Given that the time difference between London and Paris is one hour, it is at about four thirty on that same May day that Murphy Blomdale opens the door to his apartment, puts down his luggage and, after a couple of minutes, has the chilling feeling that Nora is no longer there.
Everything around him seems strangely calm and lifeless, the windows out onto the courtyard have been left open and, in the space of three days, silence has crept into the apartment, infiltrating every nook and cranny, yet giving a different resonance from one room to the next. The place has never felt so vast and abandoned to him.
Time itself seems to be standing still, exactly as if this moment of his life, this slice of afternoon, has seized up altogether and nothing will ever come after it.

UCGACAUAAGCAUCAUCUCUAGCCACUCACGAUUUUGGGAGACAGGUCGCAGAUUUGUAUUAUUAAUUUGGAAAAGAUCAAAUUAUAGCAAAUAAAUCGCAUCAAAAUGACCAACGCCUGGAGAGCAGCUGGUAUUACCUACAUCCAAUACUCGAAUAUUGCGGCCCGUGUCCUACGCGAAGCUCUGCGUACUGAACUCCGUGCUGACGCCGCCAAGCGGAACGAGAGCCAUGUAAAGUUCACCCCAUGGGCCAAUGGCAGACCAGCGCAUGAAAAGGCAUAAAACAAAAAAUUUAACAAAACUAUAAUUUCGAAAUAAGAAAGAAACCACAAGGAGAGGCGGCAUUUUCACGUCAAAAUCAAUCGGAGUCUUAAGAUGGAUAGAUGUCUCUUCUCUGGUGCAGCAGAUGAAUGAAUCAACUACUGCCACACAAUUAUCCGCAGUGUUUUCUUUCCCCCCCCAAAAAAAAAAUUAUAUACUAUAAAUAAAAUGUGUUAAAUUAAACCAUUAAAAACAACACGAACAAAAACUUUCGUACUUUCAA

Shaking off this morbid spell, Murphy carries on with his exploration, going from the living room to his study, then his study to their bedroom: the wardrobe is empty, the drawers tipped out as if after a burglary and, instead of frames with their photos in them, all that is left on the pedestal table is a little layer of dust and a set of keys.
Anyone else in his position would already have accepted the evidence.
But not him. He can’t seem to believe it. In fact, he peers at himself in the mirror to see whether he looks as if he believes it, but no, he has the eyes of someone who doesn’t.
There must be some explanation for this sort of denial. Murphy Blomdale is big on voluntarism, he is one hundred percent American, both austere and hyperactive, held up as an example by his bosses; this is a man who is confronted daily by the anarchic tides of the financial world, by the unpredictability of markets, the speed of exchanges, and the volatility of capitals. In short, nothing that might prepare him for being the male lead in a romantic drama one day.